Hey DJ! Friday Q&A w/ Kento Tanaka (BRAZA!)
We're pretty spoiled, living in this city. There are club nights all over town that focus on different areas of the globe (old Jamaican reggae, new Argentinean techno, the best in UK bass music), mixing traditional selections with the latest beats. Add to that list the hottest tracks from Brazil, thanks to the BRAZA! night at SOM. in the Mission.
The monthly party is cohosted by DJ Kento, a Japanese-Brazilian who grew up in Barcelona and all he got were a couple crappy Julio Iglesias records. Luckily, Kento looked beyond his family for musical influences and has spent the past 9 years both DJing records and designing art for them (for the Plug Label).
Tonight BRAZA! hosts a current Brazilian resident, Marcelinho da Lua, along with a handful of that country's expats and enthusiasts. To help prep for the big event, we talked to Kento about his favorite source for global beats, and DJing with Gillies Peterson.
Name: Kento Tanaka
Club night(s): BRAZA! @ SOM. every first Friday of the month.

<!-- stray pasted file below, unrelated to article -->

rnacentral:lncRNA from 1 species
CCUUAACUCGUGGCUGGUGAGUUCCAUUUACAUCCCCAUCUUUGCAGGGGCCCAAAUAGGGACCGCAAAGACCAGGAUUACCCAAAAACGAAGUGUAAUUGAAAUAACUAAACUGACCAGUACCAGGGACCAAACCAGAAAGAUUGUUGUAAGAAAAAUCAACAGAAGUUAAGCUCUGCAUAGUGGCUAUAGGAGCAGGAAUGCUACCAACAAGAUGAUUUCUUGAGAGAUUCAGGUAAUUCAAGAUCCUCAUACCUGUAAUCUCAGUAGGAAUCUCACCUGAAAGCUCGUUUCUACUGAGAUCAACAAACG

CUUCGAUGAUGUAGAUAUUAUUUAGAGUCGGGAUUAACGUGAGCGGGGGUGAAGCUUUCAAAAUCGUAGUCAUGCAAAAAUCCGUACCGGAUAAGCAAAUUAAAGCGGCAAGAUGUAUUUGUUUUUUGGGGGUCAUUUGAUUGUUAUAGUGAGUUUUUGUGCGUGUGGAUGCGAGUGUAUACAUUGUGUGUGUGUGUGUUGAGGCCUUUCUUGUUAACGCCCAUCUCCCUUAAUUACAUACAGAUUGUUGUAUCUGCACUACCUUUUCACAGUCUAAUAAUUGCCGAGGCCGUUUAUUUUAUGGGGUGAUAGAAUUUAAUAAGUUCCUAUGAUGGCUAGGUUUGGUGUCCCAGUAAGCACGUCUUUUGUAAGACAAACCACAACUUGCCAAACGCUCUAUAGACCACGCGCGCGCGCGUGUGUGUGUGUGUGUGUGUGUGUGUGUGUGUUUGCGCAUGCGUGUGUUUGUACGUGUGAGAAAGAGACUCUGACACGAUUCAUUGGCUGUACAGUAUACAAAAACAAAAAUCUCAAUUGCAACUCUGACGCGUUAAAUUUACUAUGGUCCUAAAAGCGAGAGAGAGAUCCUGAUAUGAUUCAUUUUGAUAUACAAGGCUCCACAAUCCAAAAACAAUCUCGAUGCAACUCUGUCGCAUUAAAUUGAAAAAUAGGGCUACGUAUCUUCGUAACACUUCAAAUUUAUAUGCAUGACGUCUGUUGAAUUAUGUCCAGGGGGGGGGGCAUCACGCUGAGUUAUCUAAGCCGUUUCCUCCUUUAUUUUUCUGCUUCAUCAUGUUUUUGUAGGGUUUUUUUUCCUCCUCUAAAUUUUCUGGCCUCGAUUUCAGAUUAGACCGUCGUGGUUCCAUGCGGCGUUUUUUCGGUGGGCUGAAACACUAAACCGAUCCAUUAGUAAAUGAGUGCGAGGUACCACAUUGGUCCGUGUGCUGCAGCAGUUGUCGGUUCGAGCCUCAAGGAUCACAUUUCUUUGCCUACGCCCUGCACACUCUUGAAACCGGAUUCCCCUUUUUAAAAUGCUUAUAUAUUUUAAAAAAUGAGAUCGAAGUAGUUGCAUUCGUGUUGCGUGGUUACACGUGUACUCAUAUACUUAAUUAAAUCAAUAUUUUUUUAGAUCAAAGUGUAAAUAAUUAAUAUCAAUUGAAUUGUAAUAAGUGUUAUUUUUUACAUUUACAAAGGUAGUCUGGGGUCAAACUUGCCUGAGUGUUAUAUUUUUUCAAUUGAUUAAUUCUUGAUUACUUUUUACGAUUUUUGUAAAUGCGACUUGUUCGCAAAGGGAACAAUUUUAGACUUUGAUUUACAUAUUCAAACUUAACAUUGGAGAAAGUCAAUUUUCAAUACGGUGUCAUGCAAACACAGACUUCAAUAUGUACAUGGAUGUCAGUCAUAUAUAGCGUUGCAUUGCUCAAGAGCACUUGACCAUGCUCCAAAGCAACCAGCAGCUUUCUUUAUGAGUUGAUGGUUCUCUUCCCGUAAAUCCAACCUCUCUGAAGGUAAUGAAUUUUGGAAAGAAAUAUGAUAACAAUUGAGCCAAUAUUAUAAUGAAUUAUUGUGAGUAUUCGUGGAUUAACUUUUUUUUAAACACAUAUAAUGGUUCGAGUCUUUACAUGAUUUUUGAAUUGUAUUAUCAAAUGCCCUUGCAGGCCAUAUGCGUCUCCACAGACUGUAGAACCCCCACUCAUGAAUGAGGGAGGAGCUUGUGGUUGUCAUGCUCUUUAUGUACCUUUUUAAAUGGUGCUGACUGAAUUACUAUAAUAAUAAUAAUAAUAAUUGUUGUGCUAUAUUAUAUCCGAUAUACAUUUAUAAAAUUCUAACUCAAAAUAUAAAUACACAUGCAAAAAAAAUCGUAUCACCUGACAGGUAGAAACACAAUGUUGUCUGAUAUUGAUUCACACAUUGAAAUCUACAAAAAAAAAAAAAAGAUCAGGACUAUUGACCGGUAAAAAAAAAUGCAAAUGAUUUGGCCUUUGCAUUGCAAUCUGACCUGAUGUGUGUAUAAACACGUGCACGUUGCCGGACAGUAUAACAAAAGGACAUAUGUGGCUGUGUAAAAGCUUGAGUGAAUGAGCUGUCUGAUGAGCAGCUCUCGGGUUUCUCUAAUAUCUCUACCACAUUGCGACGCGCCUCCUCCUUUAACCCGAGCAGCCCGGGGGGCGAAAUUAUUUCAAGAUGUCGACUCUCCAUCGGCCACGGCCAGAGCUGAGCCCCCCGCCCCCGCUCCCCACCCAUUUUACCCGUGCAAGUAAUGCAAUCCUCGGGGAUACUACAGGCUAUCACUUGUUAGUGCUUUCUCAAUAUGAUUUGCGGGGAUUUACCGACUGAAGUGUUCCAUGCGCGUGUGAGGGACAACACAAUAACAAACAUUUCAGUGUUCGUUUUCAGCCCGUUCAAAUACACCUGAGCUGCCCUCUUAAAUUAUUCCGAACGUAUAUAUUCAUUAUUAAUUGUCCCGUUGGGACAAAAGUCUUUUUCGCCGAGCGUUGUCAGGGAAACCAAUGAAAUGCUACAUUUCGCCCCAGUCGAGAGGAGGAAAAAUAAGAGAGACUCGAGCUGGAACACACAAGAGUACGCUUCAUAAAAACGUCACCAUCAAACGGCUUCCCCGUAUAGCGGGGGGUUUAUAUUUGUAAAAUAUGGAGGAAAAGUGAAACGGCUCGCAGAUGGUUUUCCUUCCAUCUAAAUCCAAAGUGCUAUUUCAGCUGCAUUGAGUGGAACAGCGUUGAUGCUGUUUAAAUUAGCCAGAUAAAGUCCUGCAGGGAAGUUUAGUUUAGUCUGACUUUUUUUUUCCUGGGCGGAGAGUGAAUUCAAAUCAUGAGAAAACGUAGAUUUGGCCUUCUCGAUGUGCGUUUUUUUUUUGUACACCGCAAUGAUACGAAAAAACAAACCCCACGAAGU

Style(s) of music you spin: All things Brazilian.
So what's your story, in 100 words or less? I lived in various countries before moving to the states for college, but San Francisco is where I really found my niche in music and like-minded-friends. I had a crew called Fresco and we threw the illest party in town, bringing in acts from all over the world. I always loved jazz, but I knew the first day at my piano lesson that playing an instrument wasn't for me. I didn't give up until about three lessons.
What was the craziest thing you saw at the recent Winter Music Conference? $15 Heineken.
What can you tell us about the "Braza" party at SOM? I always had a vision of throwing a Brazilian party that plays everything Brazilian. It could be anything from forro (northeastern folky music) to bailefunk to hiphop. I wanted people to hear the amazing diversity of Brazilian music that extends well beyond bossanova and samba. When I met the biggest Brazilian music collector in the Bay Area, a DJ that plays the best Brazilian music, and a Brazilian who can host a party like nobody's business (I needed a Brazilian in the crew to build credibility), I knew I had all the decks in hand. The opening of SOM. could not have come at a better time.